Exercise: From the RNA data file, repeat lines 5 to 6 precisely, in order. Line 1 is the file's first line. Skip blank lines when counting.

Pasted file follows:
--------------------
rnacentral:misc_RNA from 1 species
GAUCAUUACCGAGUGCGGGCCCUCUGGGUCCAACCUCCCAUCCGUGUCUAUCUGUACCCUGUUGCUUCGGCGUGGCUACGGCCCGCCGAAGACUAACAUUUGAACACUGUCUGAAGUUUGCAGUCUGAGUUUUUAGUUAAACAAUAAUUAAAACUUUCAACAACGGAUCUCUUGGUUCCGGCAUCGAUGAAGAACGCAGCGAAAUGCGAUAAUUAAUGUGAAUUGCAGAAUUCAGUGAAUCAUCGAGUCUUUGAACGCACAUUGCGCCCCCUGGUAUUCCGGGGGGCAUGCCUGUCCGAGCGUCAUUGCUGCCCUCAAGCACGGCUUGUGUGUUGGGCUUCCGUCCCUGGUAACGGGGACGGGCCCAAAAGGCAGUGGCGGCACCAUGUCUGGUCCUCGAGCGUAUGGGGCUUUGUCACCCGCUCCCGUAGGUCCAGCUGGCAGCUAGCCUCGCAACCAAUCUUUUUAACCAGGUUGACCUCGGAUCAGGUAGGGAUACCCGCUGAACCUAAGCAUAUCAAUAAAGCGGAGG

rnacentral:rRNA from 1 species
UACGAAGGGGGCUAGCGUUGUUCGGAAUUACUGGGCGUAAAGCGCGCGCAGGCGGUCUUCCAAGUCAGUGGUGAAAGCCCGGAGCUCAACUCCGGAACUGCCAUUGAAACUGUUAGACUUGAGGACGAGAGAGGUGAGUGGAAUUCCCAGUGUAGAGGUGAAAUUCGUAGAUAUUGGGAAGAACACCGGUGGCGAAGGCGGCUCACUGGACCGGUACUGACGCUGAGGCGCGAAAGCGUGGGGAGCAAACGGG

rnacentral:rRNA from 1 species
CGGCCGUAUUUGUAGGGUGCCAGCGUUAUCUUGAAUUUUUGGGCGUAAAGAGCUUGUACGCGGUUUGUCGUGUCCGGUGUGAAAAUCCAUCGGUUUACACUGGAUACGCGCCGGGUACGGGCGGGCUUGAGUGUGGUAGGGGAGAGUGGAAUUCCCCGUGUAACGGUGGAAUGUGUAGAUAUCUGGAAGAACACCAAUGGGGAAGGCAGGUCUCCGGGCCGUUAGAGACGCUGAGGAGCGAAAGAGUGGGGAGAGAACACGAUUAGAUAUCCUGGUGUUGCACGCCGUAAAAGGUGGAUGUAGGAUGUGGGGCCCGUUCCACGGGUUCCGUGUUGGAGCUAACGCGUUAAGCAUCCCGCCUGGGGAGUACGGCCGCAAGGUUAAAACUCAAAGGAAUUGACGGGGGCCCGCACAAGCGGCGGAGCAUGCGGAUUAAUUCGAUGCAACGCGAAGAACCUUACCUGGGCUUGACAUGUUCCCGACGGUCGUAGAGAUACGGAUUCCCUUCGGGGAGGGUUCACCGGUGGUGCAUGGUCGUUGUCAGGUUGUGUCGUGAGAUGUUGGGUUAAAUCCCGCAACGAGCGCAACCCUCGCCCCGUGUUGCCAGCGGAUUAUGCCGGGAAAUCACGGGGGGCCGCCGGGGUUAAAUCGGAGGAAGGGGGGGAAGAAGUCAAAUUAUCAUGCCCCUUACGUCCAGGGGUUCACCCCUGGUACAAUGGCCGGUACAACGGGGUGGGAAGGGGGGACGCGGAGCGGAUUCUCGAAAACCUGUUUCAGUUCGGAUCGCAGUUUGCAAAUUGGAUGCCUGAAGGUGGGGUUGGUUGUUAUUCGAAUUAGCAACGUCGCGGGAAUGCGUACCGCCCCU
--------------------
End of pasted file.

rnacentral:rRNA from 1 species
CGGCCGUAUUUGUAGGGUGCCAGCGUUAUCUUGAAUUUUUGGGCGUAAAGAGCUUGUACGCGGUUUGUCGUGUCCGGUGUGAAAAUCCAUCGGUUUACACUGGAUACGCGCCGGGUACGGGCGGGCUUGAGUGUGGUAGGGGAGAGUGGAAUUCCCCGUGUAACGGUGGAAUGUGUAGAUAUCUGGAAGAACACCAAUGGGGAAGGCAGGUCUCCGGGCCGUUAGAGACGCUGAGGAGCGAAAGAGUGGGGAGAGAACACGAUUAGAUAUCCUGGUGUUGCACGCCGUAAAAGGUGGAUGUAGGAUGUGGGGCCCGUUCCACGGGUUCCGUGUUGGAGCUAACGCGUUAAGCAUCCCGCCUGGGGAGUACGGCCGCAAGGUUAAAACUCAAAGGAAUUGACGGGGGCCCGCACAAGCGGCGGAGCAUGCGGAUUAAUUCGAUGCAACGCGAAGAACCUUACCUGGGCUUGACAUGUUCCCGACGGUCGUAGAGAUACGGAUUCCCUUCGGGGAGGGUUCACCGGUGGUGCAUGGUCGUUGUCAGGUUGUGUCGUGAGAUGUUGGGUUAAAUCCCGCAACGAGCGCAACCCUCGCCCCGUGUUGCCAGCGGAUUAUGCCGGGAAAUCACGGGGGGCCGCCGGGGUUAAAUCGGAGGAAGGGGGGGAAGAAGUCAAAUUAUCAUGCCCCUUACGUCCAGGGGUUCACCCCUGGUACAAUGGCCGGUACAACGGGGUGGGAAGGGGGGACGCGGAGCGGAUUCUCGAAAACCUGUUUCAGUUCGGAUCGCAGUUUGCAAAUUGGAUGCCUGAAGGUGGGGUUGGUUGUUAUUCGAAUUAGCAACGUCGCGGGAAUGCGUACCGCCCCU